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7 Reasons To Avoid Venmo, Zelle, & PayPal for Rent Collection
In this article, we'll cover 7 important reasons why you shouldn't use Venmo, Zelle, & PayPal for rent collection
The pandemic has forced everyone to do more on their phones & computers than ever before. And that includes landlords. Paper checks remain the most used rent collection method in the US. But a growing number of landlords are using mobile payment apps, especially Venmo, Zelle, & PayPal.
This is understandable for several reasons. First, many Millennial & Gen Z renters already have these apps on their phones. So it is easy for them to pay this way. Second, using these apps is also easier for landlords. They send notifications when payment is sent. And they don't need to wait for a check to arrive in the mail.
But the reality is that these payment methods have a ton of issues. So in this article, I'll share 7 reasons why you shouldn't use any of these apps for rent collection.
1. Hidden Fees
One thing landlords love about these apps is that it is free to send payments. But that is not really true. These apps distinguish between peer-to-peer payments (like splitting a restaurant bill) and business payments (like paying a barber).
And if you are a business payment, the fees can be massive:
- Venmo charges sellers 1.9% + $0.10 per transaction
- PayPal charges sellers up to 3.49% + $0.49 per transaction
- Zelle also charges fees that vary based on your bank
And the reality is that rent payments are business payments. So if you are caught, these companies may automatically start charging you for collecting rent with their apps.
2. Send Limits
These apps cap how much someone can send at once. So if you charge rent that is higher than the daily or weekly limit, your renter will have to send you two separate payments. This problem is more significant for Zelle than the other two options. You can see the limits below:
- Venmo: $4,999.99 per transaction, $6,999.99 per week
- PayPal: $5,000 per transaction, $5,000 per week
- Zelle: Varies by the bank; $500 for banks not in the system, Bank of America has a $3,500 daily limit and $10,000 weekly limit
3. No Renter Autopayment
One of the easiest ways to ensure on-time payment is by offering autopay. That's how most subscription services operate, including Netflix, Spotify, & HBO.
The reason companies do this is because people are forgetful. For example, if someone needs to remember to send money every month, it's a sure bet that one of those months they might forget. Even if they have the money to make the payment.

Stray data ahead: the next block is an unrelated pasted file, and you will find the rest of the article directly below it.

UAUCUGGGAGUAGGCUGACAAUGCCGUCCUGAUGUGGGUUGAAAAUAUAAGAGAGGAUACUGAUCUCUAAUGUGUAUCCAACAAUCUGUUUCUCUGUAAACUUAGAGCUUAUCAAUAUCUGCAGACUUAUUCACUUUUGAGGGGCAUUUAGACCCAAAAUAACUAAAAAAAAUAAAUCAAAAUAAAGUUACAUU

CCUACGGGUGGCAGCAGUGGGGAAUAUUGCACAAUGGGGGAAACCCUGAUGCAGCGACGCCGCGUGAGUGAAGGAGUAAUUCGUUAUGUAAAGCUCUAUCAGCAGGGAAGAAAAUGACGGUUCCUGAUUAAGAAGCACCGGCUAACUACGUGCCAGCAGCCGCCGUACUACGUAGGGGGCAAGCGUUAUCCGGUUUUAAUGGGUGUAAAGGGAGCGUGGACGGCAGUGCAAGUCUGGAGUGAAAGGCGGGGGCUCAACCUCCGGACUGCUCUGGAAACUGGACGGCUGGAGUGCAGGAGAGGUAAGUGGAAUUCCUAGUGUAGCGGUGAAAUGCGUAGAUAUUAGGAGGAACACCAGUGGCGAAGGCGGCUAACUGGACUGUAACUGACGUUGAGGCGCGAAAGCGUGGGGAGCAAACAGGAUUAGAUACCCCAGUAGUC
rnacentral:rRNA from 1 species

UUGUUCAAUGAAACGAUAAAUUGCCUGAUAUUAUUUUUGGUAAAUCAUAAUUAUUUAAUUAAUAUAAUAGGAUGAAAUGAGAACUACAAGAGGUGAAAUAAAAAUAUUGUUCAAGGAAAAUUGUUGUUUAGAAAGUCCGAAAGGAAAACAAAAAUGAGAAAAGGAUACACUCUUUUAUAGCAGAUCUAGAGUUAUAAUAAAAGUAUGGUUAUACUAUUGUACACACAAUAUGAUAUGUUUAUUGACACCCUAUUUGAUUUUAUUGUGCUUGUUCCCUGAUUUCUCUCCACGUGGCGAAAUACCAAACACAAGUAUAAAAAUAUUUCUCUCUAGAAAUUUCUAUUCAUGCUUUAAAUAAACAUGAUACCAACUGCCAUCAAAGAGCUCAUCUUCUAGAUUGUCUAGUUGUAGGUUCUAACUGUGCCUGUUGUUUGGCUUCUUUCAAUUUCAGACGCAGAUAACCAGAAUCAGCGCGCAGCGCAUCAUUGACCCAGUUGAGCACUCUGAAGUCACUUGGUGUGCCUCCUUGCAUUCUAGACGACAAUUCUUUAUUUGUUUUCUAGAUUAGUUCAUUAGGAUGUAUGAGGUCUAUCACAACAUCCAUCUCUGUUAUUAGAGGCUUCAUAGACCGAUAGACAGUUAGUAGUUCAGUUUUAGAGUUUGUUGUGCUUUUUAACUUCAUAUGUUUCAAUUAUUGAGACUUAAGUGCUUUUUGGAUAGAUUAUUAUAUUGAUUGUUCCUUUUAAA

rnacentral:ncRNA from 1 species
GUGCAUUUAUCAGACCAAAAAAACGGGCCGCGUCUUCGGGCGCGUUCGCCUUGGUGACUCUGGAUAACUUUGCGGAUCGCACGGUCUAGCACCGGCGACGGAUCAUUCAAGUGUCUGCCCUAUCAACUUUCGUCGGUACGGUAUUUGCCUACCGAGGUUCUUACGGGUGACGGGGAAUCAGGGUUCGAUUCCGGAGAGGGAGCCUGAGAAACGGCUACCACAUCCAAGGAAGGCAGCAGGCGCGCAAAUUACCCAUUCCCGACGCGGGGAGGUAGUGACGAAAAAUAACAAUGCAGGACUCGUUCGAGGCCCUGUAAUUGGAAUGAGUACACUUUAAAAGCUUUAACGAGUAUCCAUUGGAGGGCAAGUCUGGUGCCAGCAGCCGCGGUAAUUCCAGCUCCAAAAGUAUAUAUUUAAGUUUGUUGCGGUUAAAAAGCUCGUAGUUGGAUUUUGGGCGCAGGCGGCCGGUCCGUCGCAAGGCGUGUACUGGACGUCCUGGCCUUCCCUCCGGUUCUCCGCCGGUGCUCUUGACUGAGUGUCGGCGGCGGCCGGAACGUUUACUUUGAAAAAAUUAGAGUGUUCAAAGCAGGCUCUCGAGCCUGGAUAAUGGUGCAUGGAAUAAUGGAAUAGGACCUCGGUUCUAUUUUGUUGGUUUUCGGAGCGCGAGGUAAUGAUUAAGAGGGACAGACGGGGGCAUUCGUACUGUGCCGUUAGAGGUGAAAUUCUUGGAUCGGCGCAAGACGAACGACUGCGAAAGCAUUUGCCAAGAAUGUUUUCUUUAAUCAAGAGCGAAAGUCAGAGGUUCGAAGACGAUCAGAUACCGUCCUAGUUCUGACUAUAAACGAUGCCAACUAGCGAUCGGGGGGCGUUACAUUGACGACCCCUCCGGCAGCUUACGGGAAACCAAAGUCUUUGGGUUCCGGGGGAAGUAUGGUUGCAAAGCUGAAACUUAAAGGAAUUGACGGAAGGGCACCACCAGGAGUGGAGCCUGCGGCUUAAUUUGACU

None of the 3 apps mentioned offer an autopay option. And that means one of two things. Either you are manually requesting payment every single month, or your tenant is manually sending the rent each month.
A system like that invites late payments and lots of frustration.
4. No Automatic Reminders
When a renter does forget to make a payment, landlords shouldn't have to nag them to send the money. Instead, the software should handle late payment reminders automatically.
Better yet, the app should remind renters ahead of time that they have a rent payment coming up so that they can take action to guarantee it is paid on time.
Venmo, Zelle, & PayPal offer no such reminders.
5. No Automatic Late Fees
Connecticut allows landlords to charge a late fee after a 9 day grace period. But keeping track of how many days have passed since rent was due is tedious. A rent collection system would handle that for you. And none of the 3 apps mentioned have built-in late fees.
6. Bad Reporting
If you've used any of these apps, you'll know what I mean. The Venmo payment record is a jumble of payment amounts (both sent & received). You cannot separate payments by type, so everything is shown together. The transaction notes aren't helpful. And if you want to add the data to a spreadsheet, you have to do it by hand.
1 Venmo Transaction Log
In fact, the reporting is so bad you could argue that paper checks are actually easier to report on.
Landlords should use a rent collection app that makes reporting easy, not more challenging than checks.
7. No Credit Bureau Reporting
Since Connecticut allows a 9 day grace period on late payments, landlords must find other ways to encourage on-time rent payment. In my experience, the best way is to report rent payments to the credit bureaus.
Reporting rent payments to the credit bureaus is both a carrot and a stick for renters. Good renters who pay on time will see their credit scores improve. And renters who consistently pay late will see their credit scores decrease.
None of the payment apps mentioned offer this feature because they aren't built for rent payments.
A Better Alternative
My company Rentdrop offers a rent collection app that solves landlords' problems when using Venmo, PayPal, & Zelle. That includes:
- No fees on direct bank-to-bank transfers
- High send limits of $5,000 or more for all renters
- Autopay option for renters
- Automatic payment reminders
- Automatic late fees
- Straightforward reporting
- Reporting rent payments to the credit bureaus (coming soon)
We have built an experience that landlords love because we know they deserve better than Venmo, PayPal, & Zelle.
Want to check out the Rentdrop app? You can sign up here or reach out to me via email at email@example.com to learn more.